Police officers and firefighters gathered at the Burbank Adult School this week to hone their skills in a two-day training that focused on an active shooter situation as well as working with a K-9 and helicopter.
One of the classroom aspects of the training reviewed the roles of officers and firefighters when arriving at a scene where a shooter has been reported.
Burbank Police Det. Todd Burke continued through the various slides with Det. John Kaefer Wednesday morning, reminding the group that different agencies with different levels of training would be present in an active shooter such a situation
Attendees learned, or in most cases were reminded, given that many of the attendees had several years of experience, of how fluid the situation is and why addressing possible strategies before the need to employ them would not only save time, but help everyone at an often chaotic scene be that much more prepared.
Police department spokesman Sgt. Claudio Losacco said the department’s S.W.A.T team, trained with Burbank firefighters and this was now a review with both firefighters and officers present.
The group then gathered outside the school and broke up into two smaller groups to begin searching for a possible shooter.
The purpose of the training, Burbank Police Officer Adam Chang said just as the first group was getting into formation, is to remind officers of what they should be looking for and how to move.
A loud, firecracker-like bang was officers’ cue that the training had commenced.
The first group methodically made their way to the first classroom, talking to each other as they approached the closed door, surrounding it, opening it, and then entering the unknown.
Supervisors and this reporter followed.
Police searched closets at the back of the room and a desk at the front of the room.
Another loud bang rang out and officers ran to the exit, peered around the door and continued to follow the direction of the “shot.”
They quickly made their way back into the building, moving past children’s toys and small desks, and into another classroom. Police were soon able to surround and apprehend the shooter.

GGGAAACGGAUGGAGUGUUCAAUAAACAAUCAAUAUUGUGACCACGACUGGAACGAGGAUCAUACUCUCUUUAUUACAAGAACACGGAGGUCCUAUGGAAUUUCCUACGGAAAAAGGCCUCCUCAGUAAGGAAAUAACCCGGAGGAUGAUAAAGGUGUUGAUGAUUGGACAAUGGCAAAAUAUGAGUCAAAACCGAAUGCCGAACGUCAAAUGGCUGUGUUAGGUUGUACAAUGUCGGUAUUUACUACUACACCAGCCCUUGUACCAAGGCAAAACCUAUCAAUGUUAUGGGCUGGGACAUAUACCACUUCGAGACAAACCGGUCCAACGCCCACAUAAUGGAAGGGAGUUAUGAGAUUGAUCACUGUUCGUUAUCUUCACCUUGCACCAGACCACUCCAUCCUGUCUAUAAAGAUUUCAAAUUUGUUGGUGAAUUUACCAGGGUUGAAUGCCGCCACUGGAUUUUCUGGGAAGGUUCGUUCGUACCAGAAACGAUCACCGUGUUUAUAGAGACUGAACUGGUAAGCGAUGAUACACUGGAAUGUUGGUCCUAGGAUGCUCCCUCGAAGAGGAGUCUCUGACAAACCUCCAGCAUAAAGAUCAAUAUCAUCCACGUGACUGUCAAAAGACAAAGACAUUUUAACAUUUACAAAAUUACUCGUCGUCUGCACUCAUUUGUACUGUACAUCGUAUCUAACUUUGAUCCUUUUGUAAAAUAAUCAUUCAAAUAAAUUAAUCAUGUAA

Supervisors debriefed with the group, discussing areas of improvement and aspects that went well.
As some officers and firefighters continued to train outside, including with cadets who held signs denoting they were gunshot wound victims, other officers were back in the classroom.
The group watched training videos that showed officers searching for a suspect, how a K-9 is used in different situations, and how a helicopter aids officers on the ground.
Conducting this aspect of the training was Burbank K-9 officer John Embleton, who also reminded officers to be prepared — with extra equipment and for the weather.
Embleton then led a group of officers on a search for a suspect with Steevo, one of two Burbank police dogs.
As Steevo began sniffing and searching, officers followed.
A scream was heard and Steevo had located the suspect, with officers positioning themselves closer to the suspect. Steevo obeyed his handler’s commands to release the suspect and return to his handler, and officers then surrounded and apprehended the suspect, who in the training wore protective body gear.
Another group trained with a K-9 from the San Fernando Police Dept. Losacco said Glendale and San Fernando officers often train with Burbank as the agencies provide support to each other.
In this training, Alex, a K-9 from the San Fernando PD, alerted officers that the suspect had been located. But as officers were about to move toward the suspect, Alex ran back to the suspect and would not let go.
His handler had to remove the suspect from Alex’s bite, and officers learned at that moment how to deal with such a situation. The officer who was posing as the suspect did not keep his hands up to signal to Alex that he was no longer a threat, Losacco later explained.
Losacco said the information presented in the training was not new.
“We’ve seen the videos before,” Losacco said of the search and K-9 deployment videos. But it’s important to rehash, he said.
“We need to talk about it and practice it, or you lose it,” he added. “It’s like muscle memory. We need to physically engage in an action.”